Many arthropods, including insects and crustaceans, have a distinct bilateral pair of faceted compound eyes and another set of less obvious eyes—with more primitive architecture—known as nauplius eyes, or ocelli. These are structurally similar to the principal eyes of spiders and scorpions. These simpler eyes correspond to the prosocerebrum's forward eyes in Leanchoilia, in line with evidence obtained by previous studies analyzing gene expression patterns during embryonic development of living arthropods.
Leanchoilia's sideward eyes, on the other hand, relate to the protocerebrum, which is the segmental ganglion defining the arthropod forebrain, lying just behind the prosocerebrum. In living arthropods, the protocerebrum provides the compound eyes of insects and crustaceans, or the lateral single-lens eyes of arachnids, centipedes and millipedes. The visual centers serving those eyes also belong to the brain's protocerebral region.
Strausfeld explained that in living arthropods, the protocerebrum, or forebrain, has incorporated—in a way, swallowed up—the ancient centers provided by the prosocerebrum, so that it is no longer discernible as a distinct anatomical entity.
The fossils are so well-preserved that they demonstrate that in addition to frontward eyes, the prosocerebrum has also given rise to ganglia associated with the labrum, or "upper lip," of modern arthropods. The fossils also confirm an earlier hypothesis suggesting that the labrum must have originally evolved from the grasping appendages of Radiodonta, a group of stem-arthropods that were top predators during the Cambrian period.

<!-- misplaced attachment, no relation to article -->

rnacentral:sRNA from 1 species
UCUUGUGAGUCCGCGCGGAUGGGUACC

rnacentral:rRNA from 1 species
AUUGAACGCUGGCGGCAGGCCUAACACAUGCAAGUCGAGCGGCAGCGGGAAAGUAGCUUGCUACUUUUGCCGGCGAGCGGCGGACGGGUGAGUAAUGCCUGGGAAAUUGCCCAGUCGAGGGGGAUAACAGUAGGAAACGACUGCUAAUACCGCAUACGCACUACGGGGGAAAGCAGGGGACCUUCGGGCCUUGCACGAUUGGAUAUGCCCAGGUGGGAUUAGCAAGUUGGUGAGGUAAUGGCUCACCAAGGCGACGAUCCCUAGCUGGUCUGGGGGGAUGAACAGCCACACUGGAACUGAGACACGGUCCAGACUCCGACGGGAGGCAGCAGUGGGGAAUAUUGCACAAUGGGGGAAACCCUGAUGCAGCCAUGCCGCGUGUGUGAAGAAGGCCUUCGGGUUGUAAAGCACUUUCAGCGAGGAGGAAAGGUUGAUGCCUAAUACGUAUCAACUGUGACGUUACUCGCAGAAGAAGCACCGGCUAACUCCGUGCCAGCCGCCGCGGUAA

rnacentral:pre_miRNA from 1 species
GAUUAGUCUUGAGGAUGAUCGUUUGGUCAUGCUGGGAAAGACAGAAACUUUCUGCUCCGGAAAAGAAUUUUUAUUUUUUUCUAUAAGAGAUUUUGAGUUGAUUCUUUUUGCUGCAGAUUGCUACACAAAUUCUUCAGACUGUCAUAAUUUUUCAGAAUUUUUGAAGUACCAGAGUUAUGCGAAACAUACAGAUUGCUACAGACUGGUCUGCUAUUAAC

"When compared with other, similar fossil material belonging to more advanced lineages, the organization of the Leanchoilia brain demonstrates that the ganglionic arrangement of the early brain underwent condensation and fusion of its components, which explains why in living species the prosocerebrum cannot be individually distinguished," Strausfeld said.
Implications for brain evolution in vertebrates
In addition to closing a century-old gap in the understanding of arthropod brain evolution, the findings have important implications for the early evolution of vertebrate brains, Strausfeld said.
Although simple, fishlike animals existed at the same time as these now-fossilized arthropods, there are no convincing fossils of their brains and, thus, neither fossil evidence nor anatomical evidence for a prosocerebrum in vertebrates. Yet, modern studies show that genes defining the fore- mid- and hindbrains of, for example, mice correspond to genes defining the three ganglionic divisions of the arthropod brain. And in vertebrates, certain crucial centers involved in decision making and in learning and memory have some genetic correspondences with the higher centers in the arthropod brain, which originated in the ancient arthropod prosocerebrum.
Thus, it is plausible that even earlier than the Cambrian period, possibly even before the evolution of segmentally organized body plans, the common ancestor of both vertebrates and invertebrates possessed basic circuits for simple cognition and decision making. And while an ancient prosocerebral-like brain might have been present in the very early ancestors of vertebrates, no such fossil has even suggested evidence for a discrete, nonsegmental domain.
"Nevertheless, one can reasonably speculate that vertebrates have embedded in their 'modern' brains parts of an ancient, non-segmented brain that has so far only been demonstrable in an early arthropod, such as Leanchoilia," Strausfeld said.